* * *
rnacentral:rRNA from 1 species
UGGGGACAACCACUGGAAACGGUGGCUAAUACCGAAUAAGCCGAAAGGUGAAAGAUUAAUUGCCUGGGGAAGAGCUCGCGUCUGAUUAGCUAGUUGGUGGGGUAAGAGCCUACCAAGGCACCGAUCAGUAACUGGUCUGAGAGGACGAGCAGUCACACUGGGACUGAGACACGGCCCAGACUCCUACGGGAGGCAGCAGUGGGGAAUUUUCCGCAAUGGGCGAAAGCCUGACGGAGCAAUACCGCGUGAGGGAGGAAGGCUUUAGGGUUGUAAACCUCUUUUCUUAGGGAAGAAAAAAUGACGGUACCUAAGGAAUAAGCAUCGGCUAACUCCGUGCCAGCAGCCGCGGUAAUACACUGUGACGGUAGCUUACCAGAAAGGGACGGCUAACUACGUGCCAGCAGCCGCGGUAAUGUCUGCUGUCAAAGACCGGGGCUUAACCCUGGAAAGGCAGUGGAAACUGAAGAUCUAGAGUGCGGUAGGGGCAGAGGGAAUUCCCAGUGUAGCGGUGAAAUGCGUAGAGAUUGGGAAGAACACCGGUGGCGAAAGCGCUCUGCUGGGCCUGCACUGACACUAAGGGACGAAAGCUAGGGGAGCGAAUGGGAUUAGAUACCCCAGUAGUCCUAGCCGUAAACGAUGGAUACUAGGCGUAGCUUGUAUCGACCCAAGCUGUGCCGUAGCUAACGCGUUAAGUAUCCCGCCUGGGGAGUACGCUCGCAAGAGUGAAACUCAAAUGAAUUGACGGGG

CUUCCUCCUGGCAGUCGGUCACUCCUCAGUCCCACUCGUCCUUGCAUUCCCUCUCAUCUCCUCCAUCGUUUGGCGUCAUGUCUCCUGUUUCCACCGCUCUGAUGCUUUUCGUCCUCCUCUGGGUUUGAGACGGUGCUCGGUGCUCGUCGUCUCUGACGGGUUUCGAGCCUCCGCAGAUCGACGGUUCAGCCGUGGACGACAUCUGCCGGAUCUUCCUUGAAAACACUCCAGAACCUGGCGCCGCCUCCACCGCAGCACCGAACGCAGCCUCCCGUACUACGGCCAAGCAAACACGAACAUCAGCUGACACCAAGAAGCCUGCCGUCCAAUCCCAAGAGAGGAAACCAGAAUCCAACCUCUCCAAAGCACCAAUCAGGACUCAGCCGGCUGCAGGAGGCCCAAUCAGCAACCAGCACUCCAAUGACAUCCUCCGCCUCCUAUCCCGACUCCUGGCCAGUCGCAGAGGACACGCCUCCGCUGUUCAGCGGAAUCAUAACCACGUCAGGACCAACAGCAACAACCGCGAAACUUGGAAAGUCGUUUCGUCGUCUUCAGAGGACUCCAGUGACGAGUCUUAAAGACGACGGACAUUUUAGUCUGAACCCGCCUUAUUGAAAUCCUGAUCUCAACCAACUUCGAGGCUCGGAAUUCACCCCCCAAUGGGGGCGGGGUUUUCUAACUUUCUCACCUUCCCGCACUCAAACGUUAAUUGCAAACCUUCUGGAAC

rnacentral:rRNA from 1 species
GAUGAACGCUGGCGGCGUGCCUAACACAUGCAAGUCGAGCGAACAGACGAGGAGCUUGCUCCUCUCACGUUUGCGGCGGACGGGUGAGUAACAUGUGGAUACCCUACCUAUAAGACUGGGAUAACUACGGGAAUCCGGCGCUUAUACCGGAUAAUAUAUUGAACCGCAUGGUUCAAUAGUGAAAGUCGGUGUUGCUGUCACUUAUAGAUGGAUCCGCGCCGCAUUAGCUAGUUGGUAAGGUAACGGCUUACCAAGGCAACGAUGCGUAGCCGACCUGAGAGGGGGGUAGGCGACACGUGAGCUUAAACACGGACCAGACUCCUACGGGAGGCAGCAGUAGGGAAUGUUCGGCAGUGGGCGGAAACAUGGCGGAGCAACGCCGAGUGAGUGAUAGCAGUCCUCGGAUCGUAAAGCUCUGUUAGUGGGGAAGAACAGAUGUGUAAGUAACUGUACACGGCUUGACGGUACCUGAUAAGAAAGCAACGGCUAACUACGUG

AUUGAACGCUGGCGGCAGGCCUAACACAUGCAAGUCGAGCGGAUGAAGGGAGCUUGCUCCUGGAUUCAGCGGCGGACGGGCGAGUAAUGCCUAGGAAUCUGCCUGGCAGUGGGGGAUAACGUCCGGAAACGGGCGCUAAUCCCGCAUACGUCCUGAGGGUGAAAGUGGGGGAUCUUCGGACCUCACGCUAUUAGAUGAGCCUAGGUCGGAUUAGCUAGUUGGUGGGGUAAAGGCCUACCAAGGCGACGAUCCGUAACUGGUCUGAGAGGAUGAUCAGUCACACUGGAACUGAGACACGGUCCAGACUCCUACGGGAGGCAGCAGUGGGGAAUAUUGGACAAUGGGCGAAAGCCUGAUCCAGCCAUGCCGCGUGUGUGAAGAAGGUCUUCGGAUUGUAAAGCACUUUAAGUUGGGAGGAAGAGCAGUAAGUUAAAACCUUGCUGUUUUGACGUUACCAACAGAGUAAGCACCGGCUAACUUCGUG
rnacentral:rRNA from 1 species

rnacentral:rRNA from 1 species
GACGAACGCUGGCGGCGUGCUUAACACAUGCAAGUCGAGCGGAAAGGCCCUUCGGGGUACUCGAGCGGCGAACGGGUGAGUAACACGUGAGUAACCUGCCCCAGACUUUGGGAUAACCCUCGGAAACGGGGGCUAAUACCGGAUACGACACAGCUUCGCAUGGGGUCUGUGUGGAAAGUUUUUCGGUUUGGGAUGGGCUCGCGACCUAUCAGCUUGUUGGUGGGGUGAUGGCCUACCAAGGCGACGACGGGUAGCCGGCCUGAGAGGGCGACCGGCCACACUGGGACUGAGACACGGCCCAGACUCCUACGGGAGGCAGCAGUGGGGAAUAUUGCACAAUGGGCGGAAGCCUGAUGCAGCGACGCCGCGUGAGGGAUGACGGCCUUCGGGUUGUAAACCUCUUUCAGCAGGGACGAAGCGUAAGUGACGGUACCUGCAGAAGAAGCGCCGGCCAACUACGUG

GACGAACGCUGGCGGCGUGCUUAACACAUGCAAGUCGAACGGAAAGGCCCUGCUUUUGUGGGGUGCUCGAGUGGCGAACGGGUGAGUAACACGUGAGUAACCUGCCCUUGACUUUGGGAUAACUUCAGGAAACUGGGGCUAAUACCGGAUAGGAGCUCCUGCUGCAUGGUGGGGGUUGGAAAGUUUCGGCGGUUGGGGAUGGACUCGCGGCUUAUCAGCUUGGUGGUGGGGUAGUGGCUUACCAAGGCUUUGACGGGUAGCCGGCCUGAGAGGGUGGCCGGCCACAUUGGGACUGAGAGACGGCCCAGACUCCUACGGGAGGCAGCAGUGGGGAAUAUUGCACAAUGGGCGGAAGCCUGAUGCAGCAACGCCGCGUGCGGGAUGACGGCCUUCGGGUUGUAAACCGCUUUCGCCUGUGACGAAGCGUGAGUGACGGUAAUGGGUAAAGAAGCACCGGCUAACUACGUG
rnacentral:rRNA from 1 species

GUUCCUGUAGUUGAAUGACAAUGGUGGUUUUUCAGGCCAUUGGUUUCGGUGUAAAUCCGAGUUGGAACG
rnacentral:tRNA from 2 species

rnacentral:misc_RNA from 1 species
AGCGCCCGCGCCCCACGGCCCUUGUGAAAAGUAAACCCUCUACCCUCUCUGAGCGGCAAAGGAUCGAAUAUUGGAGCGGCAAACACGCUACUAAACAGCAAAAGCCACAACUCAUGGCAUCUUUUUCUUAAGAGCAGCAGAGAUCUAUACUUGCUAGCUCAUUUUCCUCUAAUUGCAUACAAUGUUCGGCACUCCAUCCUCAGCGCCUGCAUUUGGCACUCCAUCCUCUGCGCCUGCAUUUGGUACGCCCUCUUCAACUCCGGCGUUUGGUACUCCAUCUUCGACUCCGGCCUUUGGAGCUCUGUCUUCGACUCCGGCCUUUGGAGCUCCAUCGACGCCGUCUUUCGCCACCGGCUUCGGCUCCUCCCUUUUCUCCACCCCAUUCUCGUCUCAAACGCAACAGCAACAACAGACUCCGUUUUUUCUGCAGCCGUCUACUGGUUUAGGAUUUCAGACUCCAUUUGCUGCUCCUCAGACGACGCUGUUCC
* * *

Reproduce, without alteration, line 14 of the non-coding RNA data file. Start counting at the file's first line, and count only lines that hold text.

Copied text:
rnacentral:misc_RNA from 1 species